Last week was full of action on both the economic and corporate earnings fronts. Companies— both in India and the US, the world’s biggest economy— have reported robust earnings so far, reflecting the economic recovery. The number of corporate earnings beating expectations are higher than in the previous quarters, boosting investor sentiment. A majority of the big Indian companies that have announced earnings have beaten Street estimates by varied margins.
In the US, too, the hits have beaten the misses. Of the 172 S&P 500 companies that have reported earnings for the quarter, around 83% have beaten expectations, well above the 61% in a typical quarter and above the 79% record set in the third quarter of 2009.
US government data released last week showed sales of newly built single-family homes rose in March to their highest in eight months. Riding positive sentiment, the homebuilders index racked up its biggest weekly advance since July 2009, rising 12.8%, and is on track for its sixth straight monthly gain. The US housing sector has been lagging behind the broader economic recovery; this data should allay fears about the sector. New orders for durable manufactured goods, excluding transportation, posted the largest gain in over two years—another positive for the US economy.
Back home, the Reserve Bank of India unveiled its credit policy last week, which was on the expected lines. The policy rate hikes were lower than expectations, which clearly boosted sentiment. The forecast of a normal monsoon was another major booster, which eased concerns about surging inflation because good rainfall can help lower food prices. On the corporate earnings front, the journey has been very good so far.
Globally, Greece will be at the centre stage in the coming days after formally requesting aid from the European Union and the International Monetary Fund on Friday. Apart from it, economic indicators such as the US quarterly gross domestic product estimate and reports on consumer sentiment and consumer confidence will be watched closely for more cues on the American economic recovery. At its two-day policy meeting, the US Federal Reserve is expected to keep interest rates near zero and stick to its pledge of low rates for an extended period to foster the recovery. If the Fed were to even hint at a change of stance, there could be tremors on markets across the globe.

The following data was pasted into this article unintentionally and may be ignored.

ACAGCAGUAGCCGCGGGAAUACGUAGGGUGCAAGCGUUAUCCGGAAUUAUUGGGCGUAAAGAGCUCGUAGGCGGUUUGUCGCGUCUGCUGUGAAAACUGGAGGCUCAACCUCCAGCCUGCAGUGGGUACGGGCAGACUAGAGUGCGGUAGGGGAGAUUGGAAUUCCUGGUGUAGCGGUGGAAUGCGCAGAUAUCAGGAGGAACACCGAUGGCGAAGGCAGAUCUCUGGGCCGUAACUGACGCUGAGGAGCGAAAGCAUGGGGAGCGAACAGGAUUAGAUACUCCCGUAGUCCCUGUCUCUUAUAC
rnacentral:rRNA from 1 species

Also Read Vipul Verma’s earlier columns
In India this week, with more companies due to release their earnings, stock-specific action will continue. Apart from earnings, this week would be important because derivative contracts for April are due to expire on Thursday, making for volatility. I am not expecting any major downslide owing to the volatility. Data on infrastructure output in March would be released on 30 April, which could be a trigger for the stock markets.
Technically, the strong recovery seen last week has boosted investor sentiment and despite caution about valuations, the growth is likely to continue. Although higher levels are likely to attract some profit selling, at this point in time there does not seem to be a substantial threat to the rising market.
In terms of the S&P CNX Nifty, on its way up the Nifty will face its first resistance at 5,348 points, a level which is likely to prompt some consolidation. If the level is breached, the next—and moderate resistance—is at 5,376 points. The Nifty will then come up against trend-deciding resistance at 5,399 points, which if overcome would ensure more gains and new recent highs. On its way down, support for the Nifty is likely to come at 5,276 and 5,244 points. The Nifty has critical support at 5,191 points; if it falls below this level, it would point to a bearish trend.
In terms of the Bombay Stock Exchange (BSE) Sensex, the initial resistance levels are 17,781 and 17,953 points; trend-deciding resistance is at 18,040 points. On the downside, the Sensex has support at 17,612 and 17,491 points, with trend-deciding support at 17,389 points.
Among individual stocks, Educomp Solutions Ltd, DLF Ltd and HDFC Bank Ltd look good on the charts. Educomp Solutions, at Rs711.05, has a target of Rs727 and a stop-loss of Rs694. DLF, at its last close of Rs332.30, has a target of Rs345 and a stop-loss of Rs319. HDFC Bank, at its last close of Rs1,951.80, has a target of Rs1,974 and a stop-loss of Rs1,928.
From my previous week’s recommendations, Cipla Ltd, Lupin Ltd and Hindustan Unilever Ltd all met their targets easily.
Vipul Verma is CEO, Moneyvistas.com. Your comments, questions and reactions to this column are welcome at email@example.com